Have you noticed that your $50 gift cards aren’t getting the same WOW factor as they used to? Are your employees becoming increasingly more entitled and less appreciative? Do you think that more is better when it comes to giving employee’s rewards?
Many mangers and CEOs are frustrated because they spend thousands or even hundreds of thousands of dollars on employee rewards and they don’t see any measurable impact. They are often the same managers who don’t base their rewards strategy on over a hundred years of research dedicated to studying human behavior, motivation and reinforcement. This research has found that when it comes to rewarding employees, bigger isn’t always better, cash might not be the best option and the timing of the reward can be more important than the value of the reward.
Effective employee reward systems can significantly increase work performance. They can motivate employees to increase their work quality and quantity and to align their performance with organizational objectives. They can therefore be a very powerful influence on employee behavior, motivation and performance and should be an integral component in any company strategy.
Reward programs are common in the U.S. and represent a significant contribution to employees’ compensation. A recent survey found that 78% of U.S. companies use rewards to motivate their employees and that these companies spend approximately $1 billion each year on rewards (Incentive Federation, 2003).
Rewards can often represent a significant amount of an employee’s income: on average, 5% to 10% of total compensation for sales jobs and call center jobs are based on rewards. Reward programs are not only prevalent in the U.S., they are also an integral component of company compensation plans. Therefore, managers should devote a considerable amount of resources into developing a rewards program that will have the biggest impact on employee performance.
Current reward practices can shed light on what types of rewards companies use as well as the effectiveness of each type of reward. Below are results from a survey of 165 U.S. executives who were asked about their current employee incentive compensation plans.
Results from this study indicate that there is a discrepancy between the most frequently used reward types and the most effective reward types. It is therefore imperative that managers and executives scrutinize their rewards programs and measure the effect they have on the employees and the company.
The impact of employee rewards programs in the workplace can be significant. In an analysis of 437 companies, those with rewards programs had greater employee productivity, higher profits, better cash flow, stronger stock market performance and a greater stock value than companies without rewards systems. In general, reward systems have a positive effect not only on employee performance, but company performance as well.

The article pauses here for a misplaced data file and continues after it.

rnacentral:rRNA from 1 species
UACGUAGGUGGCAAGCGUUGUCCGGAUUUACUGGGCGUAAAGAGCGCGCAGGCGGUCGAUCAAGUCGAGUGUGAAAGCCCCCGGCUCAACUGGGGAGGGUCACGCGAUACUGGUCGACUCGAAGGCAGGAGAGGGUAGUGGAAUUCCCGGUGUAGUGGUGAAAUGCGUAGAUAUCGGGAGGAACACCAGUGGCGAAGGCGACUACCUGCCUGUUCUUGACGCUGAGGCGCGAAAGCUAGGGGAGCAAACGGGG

However, not all reward programs are effective. Ineffective reward systems can decrease employee motivation, increase skepticism and contribute to opposition in the workplace. Thus, managers should understand what constitutes an effective reward system, what behaviors to reward, when to reward and how to shape employee behavior using rewards.
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The type of reward given to an employee can have a significant effect on their degree of motivation and subsequent performance. There are two types of rewards:
Extrinsic rewards can be very effective at increasing performance. One meta-analytic review of 45 studies found that the average effect of extrinsic reward programs on all work tasks was a 22% gain in workplace performance. These gains are significant and can have a major impact on the overall performance of the company.
There are three main types of extrinsic rewards:
Examples of intrinsic rewards are an increase in self-esteem, self-satisfaction and gaining a sense of accomplishment from work. An employee who derives pleasure from work and experiences a sense of competence is said to be intrinsically motivated. Intrinsic rewards also increase performance in the workplace.
There are individual differences in response to reward type. Some employees will be more motivated by social rewards (e.g. praise and recognition) than cash rewards. It is therefore important to understand the motivational factors of each individual employee and distribute rewards based on employee preference and their resulting degree of motivation.
Research on individual differences can shed light on employee preferences for reward types. The majority of employees prefer cash rewards; however, many employees will perform better in pursuit of non-cash rewards of similar value. Thus, balancing cash rewards with non-cash rewards can be an effective workplace reward system strategy.
Effective employee reward systems can motivate employees, increase their work performance and encourage them to align their performance with the company’s objectives. It is therefore critical that managers understand what constitutes an excellent employee rewards program, how to implement it and when to make necessary changes. Doing so can have a major impact on the company’s climate, culture and bottom line.
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